Thursday, November 12, 2009

VOGUE: The Women of Nine

Judi Dench, Marion Cotillard, Kate Hudson, Fergie, Nicole Kidman, Penélope Cruz, and Sophia Loren, at London's Shepperton Studios, photographed by Annie Leibovitz for Vogue, Nov 2009.

Here's a peek at Vogue's November cover story featuring the uber-talented and exquisitely beautiful women on Nine!

"One by one, six of the seven leading ladies in Guido's life appear through a doorway high up in the rafters and slink down the stairs, positioning themselves languorously around the set. First, to the grand orchestral music of the "Overture Delle Donne," the singer Fergie, who plays Saraghina, a prostitute, appears in a gray, corseted frock, all cleavage and russet hair, her eyes kohled into a smudgy, sexy mess. She is followed by Kate Hudson, perky as ever, in a white fringed sixties minidress and go-go boots, her blonde tresses teased into tumbling curls. The outfit perfectly suits her character, Stephanie, a Vogue journalist. Next, Judi Dench, playing costume designer Lily, appears clad in black and smoking a cigarette.
Then comes a saucy Penélope Cruz, as Guido's mistress, Carla, in a polka-dot cocktail dress that gives her the silhouette of a fifties pinup. Nicole Kidman follows, striking a powerful pose in a nude-colored strapless, sparkling gown as movie star Claudia, Guido's inspiration and obsession. Finally, an astoundingly well-preserved Sophia Loren, playing Guido's mother, makes her entrance, leaning over the balcony and shooting a stern but loving look toward Guido far below. (Marion Cotillard, who plays Guido's long-suffering wife, Luisa, is not in this scene.)
"You could call it an iconfest," I scribble in my notes. Then, rather unimaginatively, I add "razzle-dazzle-pizzazz musical great antidote to misery-gloom-doom of credit crunch" before, thankfully for the reader, I am diverted by the whisper "Ciao! Plume!" from behind me. I turn to see a vision of toffee-colored Loro Piana cashmere before me—Mr. Valentino and his partner, Giancarlo Giammetti.
"We're here to see Sophia," explains Giammetti. "She said to me, 'It's the best movie I've ever done.' " Mr. Valentino adds, "She said, 'It's the most expensive movie I've ever done.' " From the rear, producer Harvey Weinstein, dressed in a white shirt and black pants, booms, "Judi Dench said to me, 'I have to make Ten and Eleven!' " Just then, Pedro Almodóvar walks by, plus entourage, in search of Penélope Cruz's dressing room. I scrawl "icon overload" on my legal pad.

Nicole turns to Kate, who has covered her costume with a white terry robe. Her feet are now clad in a pair of UGG boots. "Kate should be on Broadway," says Nicole. "She should be the lead." Kate's eyes sparkle with excitement when she talks about her number "Cinema Italiano," which was written especially for her by Yeston. "I spent most of my childhood singing and dancing and just never had the chance to do it professionally. So when I got the chance to work with Rob, I was so excited, I was out of my mind."Hudson tells me that rehearsals felt like "being at summer camp," although she adds, "I don't think there is any actress who looks forward to missing those days with her kids. But at the same time there is no one who wants to stop acting." Nicole admits, "I had no desire to work after I had my daughter, but to lure me back, this movie was the only way."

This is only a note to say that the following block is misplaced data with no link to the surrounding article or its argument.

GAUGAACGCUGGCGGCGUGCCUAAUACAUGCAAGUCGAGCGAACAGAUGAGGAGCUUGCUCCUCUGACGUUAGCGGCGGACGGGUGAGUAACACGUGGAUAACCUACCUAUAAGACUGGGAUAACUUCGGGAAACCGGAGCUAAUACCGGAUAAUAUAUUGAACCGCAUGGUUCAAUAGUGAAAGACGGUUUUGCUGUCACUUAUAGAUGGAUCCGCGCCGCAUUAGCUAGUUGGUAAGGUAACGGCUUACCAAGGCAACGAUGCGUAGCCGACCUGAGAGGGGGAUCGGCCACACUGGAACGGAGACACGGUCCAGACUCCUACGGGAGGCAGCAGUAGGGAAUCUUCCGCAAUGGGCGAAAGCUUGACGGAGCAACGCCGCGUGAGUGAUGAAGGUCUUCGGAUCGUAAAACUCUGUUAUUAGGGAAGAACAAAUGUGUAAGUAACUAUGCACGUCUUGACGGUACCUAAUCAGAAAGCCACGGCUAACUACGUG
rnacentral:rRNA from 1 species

In the makeup studio, I meet Peter Swords King, Oscar-winning hair and makeup designer, who has a team of 28 working with him. The walls are covered in inspirational black-and-white photos of sixties stars like Monica Vitti, Brigitte Bardot, and Julie Christie. "Those girls always looked like they just got out of bed—in a good way," says Peter, confiding that authentic bedroom hair is achieved by running your fingers through your hair instead of brushing it, after you curl it. "I was completely inspired by the Italian New Wave-film look—Sophia Loren and Claudia Cardinale." As for the makeup, think false eyelashes, eyeliner, and pancake foundation. "There's something incredibly sexy about the dark eyes and the pale lips," says Marshall. "That era worshipped the beauty of women."

~ excerpted from the feature article written by Plum Sykes, Vogue

Read more about the movie, the women, the actresses, beauty, wardrode and more in Vogue's November issue on stands now.


  1. Hey,
    just stumbled over your blog, and I love it!
    Thanks for all the news, reviews and inspiration :D

    Keep on doing!


  2. Awww, thanks Lilie! I appreciate the kind words.

    Much love,

    Roxy x


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